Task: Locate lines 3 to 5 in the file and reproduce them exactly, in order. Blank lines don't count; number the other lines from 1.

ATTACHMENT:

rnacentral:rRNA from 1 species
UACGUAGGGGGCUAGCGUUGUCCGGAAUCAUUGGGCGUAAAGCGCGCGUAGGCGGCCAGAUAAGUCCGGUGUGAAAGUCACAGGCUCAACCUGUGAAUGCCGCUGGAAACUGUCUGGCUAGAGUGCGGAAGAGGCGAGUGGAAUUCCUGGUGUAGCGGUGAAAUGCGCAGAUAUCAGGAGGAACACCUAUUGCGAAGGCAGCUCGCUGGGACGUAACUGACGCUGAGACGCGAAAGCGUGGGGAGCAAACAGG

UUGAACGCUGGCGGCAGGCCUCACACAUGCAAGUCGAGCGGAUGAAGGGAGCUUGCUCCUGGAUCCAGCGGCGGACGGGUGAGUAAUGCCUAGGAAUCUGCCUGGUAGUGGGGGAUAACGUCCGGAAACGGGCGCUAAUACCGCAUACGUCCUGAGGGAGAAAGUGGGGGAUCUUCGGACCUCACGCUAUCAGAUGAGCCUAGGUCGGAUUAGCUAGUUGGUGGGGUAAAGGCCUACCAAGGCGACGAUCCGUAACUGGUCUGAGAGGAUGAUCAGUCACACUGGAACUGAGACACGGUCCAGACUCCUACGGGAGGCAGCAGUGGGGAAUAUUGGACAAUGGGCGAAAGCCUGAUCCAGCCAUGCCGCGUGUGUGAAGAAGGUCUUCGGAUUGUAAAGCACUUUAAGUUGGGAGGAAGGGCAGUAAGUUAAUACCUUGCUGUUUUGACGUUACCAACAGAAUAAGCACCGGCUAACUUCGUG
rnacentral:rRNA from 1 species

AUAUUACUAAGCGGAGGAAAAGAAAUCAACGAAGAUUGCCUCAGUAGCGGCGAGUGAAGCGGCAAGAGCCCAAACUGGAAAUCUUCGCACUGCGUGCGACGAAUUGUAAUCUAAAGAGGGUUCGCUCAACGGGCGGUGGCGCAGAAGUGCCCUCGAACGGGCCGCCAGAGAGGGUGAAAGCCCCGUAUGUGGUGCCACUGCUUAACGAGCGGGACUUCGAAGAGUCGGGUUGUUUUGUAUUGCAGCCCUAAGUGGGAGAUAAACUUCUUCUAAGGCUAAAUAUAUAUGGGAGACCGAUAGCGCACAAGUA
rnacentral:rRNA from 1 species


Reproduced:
UUGAACGCUGGCGGCAGGCCUCACACAUGCAAGUCGAGCGGAUGAAGGGAGCUUGCUCCUGGAUCCAGCGGCGGACGGGUGAGUAAUGCCUAGGAAUCUGCCUGGUAGUGGGGGAUAACGUCCGGAAACGGGCGCUAAUACCGCAUACGUCCUGAGGGAGAAAGUGGGGGAUCUUCGGACCUCACGCUAUCAGAUGAGCCUAGGUCGGAUUAGCUAGUUGGUGGGGUAAAGGCCUACCAAGGCGACGAUCCGUAACUGGUCUGAGAGGAUGAUCAGUCACACUGGAACUGAGACACGGUCCAGACUCCUACGGGAGGCAGCAGUGGGGAAUAUUGGACAAUGGGCGAAAGCCUGAUCCAGCCAUGCCGCGUGUGUGAAGAAGGUCUUCGGAUUGUAAAGCACUUUAAGUUGGGAGGAAGGGCAGUAAGUUAAUACCUUGCUGUUUUGACGUUACCAACAGAAUAAGCACCGGCUAACUUCGUG
rnacentral:rRNA from 1 species

AUAUUACUAAGCGGAGGAAAAGAAAUCAACGAAGAUUGCCUCAGUAGCGGCGAGUGAAGCGGCAAGAGCCCAAACUGGAAAUCUUCGCACUGCGUGCGACGAAUUGUAAUCUAAAGAGGGUUCGCUCAACGGGCGGUGGCGCAGAAGUGCCCUCGAACGGGCCGCCAGAGAGGGUGAAAGCCCCGUAUGUGGUGCCACUGCUUAACGAGCGGGACUUCGAAGAGUCGGGUUGUUUUGUAUUGCAGCCCUAAGUGGGAGAUAAACUUCUUCUAAGGCUAAAUAUAUAUGGGAGACCGAUAGCGCACAAGUA